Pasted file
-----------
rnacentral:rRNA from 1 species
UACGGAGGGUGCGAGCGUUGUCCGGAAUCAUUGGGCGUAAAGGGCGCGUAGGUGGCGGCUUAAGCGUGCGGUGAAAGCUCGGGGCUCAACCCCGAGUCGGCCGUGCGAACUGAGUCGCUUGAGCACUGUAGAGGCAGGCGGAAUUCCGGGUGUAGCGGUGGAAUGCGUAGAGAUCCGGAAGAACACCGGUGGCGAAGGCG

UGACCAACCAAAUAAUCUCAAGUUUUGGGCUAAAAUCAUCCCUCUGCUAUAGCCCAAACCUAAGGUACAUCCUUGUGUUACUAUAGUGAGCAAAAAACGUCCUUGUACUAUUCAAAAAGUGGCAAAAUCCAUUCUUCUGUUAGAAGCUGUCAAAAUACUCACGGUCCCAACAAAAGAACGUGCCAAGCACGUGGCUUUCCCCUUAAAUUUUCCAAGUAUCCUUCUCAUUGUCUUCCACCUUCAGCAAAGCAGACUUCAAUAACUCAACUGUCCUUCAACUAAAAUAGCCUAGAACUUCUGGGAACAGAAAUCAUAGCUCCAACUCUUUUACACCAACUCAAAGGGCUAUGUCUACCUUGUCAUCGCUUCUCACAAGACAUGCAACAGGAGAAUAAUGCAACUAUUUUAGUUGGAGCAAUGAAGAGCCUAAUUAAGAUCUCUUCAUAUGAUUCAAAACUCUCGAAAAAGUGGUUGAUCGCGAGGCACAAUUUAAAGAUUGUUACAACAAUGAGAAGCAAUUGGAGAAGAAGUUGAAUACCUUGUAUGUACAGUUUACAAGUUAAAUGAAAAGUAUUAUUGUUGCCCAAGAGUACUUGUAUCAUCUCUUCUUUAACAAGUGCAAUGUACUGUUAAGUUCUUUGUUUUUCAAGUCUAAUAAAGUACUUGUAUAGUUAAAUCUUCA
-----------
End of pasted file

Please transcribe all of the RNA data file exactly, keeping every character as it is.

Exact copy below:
rnacentral:rRNA from 1 species
UACGGAGGGUGCGAGCGUUGUCCGGAAUCAUUGGGCGUAAAGGGCGCGUAGGUGGCGGCUUAAGCGUGCGGUGAAAGCUCGGGGCUCAACCCCGAGUCGGCCGUGCGAACUGAGUCGCUUGAGCACUGUAGAGGCAGGCGGAAUUCCGGGUGUAGCGGUGGAAUGCGUAGAGAUCCGGAAGAACACCGGUGGCGAAGGCG

UGACCAACCAAAUAAUCUCAAGUUUUGGGCUAAAAUCAUCCCUCUGCUAUAGCCCAAACCUAAGGUACAUCCUUGUGUUACUAUAGUGAGCAAAAAACGUCCUUGUACUAUUCAAAAAGUGGCAAAAUCCAUUCUUCUGUUAGAAGCUGUCAAAAUACUCACGGUCCCAACAAAAGAACGUGCCAAGCACGUGGCUUUCCCCUUAAAUUUUCCAAGUAUCCUUCUCAUUGUCUUCCACCUUCAGCAAAGCAGACUUCAAUAACUCAACUGUCCUUCAACUAAAAUAGCCUAGAACUUCUGGGAACAGAAAUCAUAGCUCCAACUCUUUUACACCAACUCAAAGGGCUAUGUCUACCUUGUCAUCGCUUCUCACAAGACAUGCAACAGGAGAAUAAUGCAACUAUUUUAGUUGGAGCAAUGAAGAGCCUAAUUAAGAUCUCUUCAUAUGAUUCAAAACUCUCGAAAAAGUGGUUGAUCGCGAGGCACAAUUUAAAGAUUGUUACAACAAUGAGAAGCAAUUGGAGAAGAAGUUGAAUACCUUGUAUGUACAGUUUACAAGUUAAAUGAAAAGUAUUAUUGUUGCCCAAGAGUACUUGUAUCAUCUCUUCUUUAACAAGUGCAAUGUACUGUUAAGUUCUUUGUUUUUCAAGUCUAAUAAAGUACUUGUAUAGUUAAAUCUUCA